Just in time to spread some end-of-the-year inspiration, Zaytoven teamed up with his longtime publicist, Tamiko Hope, to put out the second installment of her “Experience Hope” series. The 54-minute project is densely packed with Zaytoven’s wisdom, stories and advice told from his irreplaceable perspective, divided into topics such as Mindset, Reinvention, Loyalty, Investing, and so on. Their trusting relationship and made for one of the most insightful Zaytoven interviews the world will ever get. “When people are listening to him speak, it’s like they’re in a trance,” Tamiko told me, and I definitely have to agree. It’s almost effortless to get lost in the words of motivation as Zaytoven eloquently interweaves his experiences through past decades that propelled him from playing the organ at church every Sunday morning, to cooking beats while sitting in his barbershop chair with his keyboard on his lap, to becoming one of the most revered and trusted names in the hip-hop industry today.
“This was in my momma’s basement back when ain’t nobody know about no Gucci Mane,” Zaytoven recalls. “He’s calling my phone a hundred times at 3:00 or 4:00 in the morning after he left the club [saying] ‘Zay, I need to come! I got a song I gotta record.’ But those are the sacrifices I made.” As Zaytoven reflects on the early stages of his career for “Experience Hope With Zaytoven Vol. 2”, he reiterates how crucial it is to listen to your gut and stay with artists you see potential in, no matter what. This includes getting up at 5:00 A.M. to let Gucci Mane into your parents’ house because he’s been sitting in his car, waiting to be let in to work on a song.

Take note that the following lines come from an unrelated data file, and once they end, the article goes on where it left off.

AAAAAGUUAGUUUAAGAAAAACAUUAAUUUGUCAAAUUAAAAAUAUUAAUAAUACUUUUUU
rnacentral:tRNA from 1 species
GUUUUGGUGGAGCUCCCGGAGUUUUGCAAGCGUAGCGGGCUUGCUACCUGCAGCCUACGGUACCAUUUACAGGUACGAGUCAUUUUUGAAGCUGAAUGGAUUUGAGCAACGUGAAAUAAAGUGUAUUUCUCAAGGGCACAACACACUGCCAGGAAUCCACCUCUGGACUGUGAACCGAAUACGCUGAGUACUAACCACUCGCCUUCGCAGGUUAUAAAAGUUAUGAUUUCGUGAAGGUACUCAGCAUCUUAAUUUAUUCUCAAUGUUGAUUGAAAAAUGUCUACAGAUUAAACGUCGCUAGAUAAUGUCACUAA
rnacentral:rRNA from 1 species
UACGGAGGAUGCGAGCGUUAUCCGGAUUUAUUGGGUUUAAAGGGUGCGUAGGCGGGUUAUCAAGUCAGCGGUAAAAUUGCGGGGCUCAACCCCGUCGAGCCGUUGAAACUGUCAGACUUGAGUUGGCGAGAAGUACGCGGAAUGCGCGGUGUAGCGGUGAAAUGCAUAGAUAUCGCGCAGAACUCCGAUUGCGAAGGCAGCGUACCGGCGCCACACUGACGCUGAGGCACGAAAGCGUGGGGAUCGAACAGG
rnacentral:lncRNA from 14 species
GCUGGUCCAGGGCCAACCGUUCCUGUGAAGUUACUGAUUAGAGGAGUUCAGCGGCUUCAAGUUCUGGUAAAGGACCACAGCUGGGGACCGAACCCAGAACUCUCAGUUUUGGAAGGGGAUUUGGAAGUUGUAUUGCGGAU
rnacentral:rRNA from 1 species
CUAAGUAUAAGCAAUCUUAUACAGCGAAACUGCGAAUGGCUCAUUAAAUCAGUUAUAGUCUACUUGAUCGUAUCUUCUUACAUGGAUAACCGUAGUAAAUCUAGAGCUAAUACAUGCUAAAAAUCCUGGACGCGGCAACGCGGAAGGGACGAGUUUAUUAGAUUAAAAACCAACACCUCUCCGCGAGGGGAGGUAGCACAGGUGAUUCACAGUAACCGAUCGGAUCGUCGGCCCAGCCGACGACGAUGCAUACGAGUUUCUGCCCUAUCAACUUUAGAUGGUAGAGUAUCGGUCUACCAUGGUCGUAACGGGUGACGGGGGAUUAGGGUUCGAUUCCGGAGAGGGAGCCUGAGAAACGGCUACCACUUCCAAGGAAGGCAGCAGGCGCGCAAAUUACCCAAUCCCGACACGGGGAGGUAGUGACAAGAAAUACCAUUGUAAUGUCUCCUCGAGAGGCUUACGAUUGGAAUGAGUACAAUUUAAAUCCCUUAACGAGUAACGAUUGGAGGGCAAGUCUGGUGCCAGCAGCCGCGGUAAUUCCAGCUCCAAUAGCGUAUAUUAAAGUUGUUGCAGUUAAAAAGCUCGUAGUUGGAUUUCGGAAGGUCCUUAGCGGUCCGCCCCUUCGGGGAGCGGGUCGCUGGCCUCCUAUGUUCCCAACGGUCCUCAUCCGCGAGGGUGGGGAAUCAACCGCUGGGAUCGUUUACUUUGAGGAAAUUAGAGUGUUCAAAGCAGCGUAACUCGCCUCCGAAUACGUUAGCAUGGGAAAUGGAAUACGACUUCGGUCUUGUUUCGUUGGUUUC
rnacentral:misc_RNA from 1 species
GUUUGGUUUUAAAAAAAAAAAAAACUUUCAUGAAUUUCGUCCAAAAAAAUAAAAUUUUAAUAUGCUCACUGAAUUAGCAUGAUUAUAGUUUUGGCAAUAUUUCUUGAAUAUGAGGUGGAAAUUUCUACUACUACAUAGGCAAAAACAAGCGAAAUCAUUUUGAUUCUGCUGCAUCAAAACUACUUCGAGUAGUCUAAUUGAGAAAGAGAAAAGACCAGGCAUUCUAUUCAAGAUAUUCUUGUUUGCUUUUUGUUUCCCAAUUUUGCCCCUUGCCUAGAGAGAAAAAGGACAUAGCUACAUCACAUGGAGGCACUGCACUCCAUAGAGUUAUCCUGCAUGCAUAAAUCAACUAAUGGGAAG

Nowadays, you’ll see Zaytoven up on stage alongside dudes like Travis Scott and Gucci Mane, looking like a full-blown superstar, finessing his keytar. When you hear that signature piano riff tag go off in the beginning of a track, it’s an indicator that the song is going to be an automatic hit. However, it took years, almost two decades actually, of consistent hard work and sacrifice to get to this point.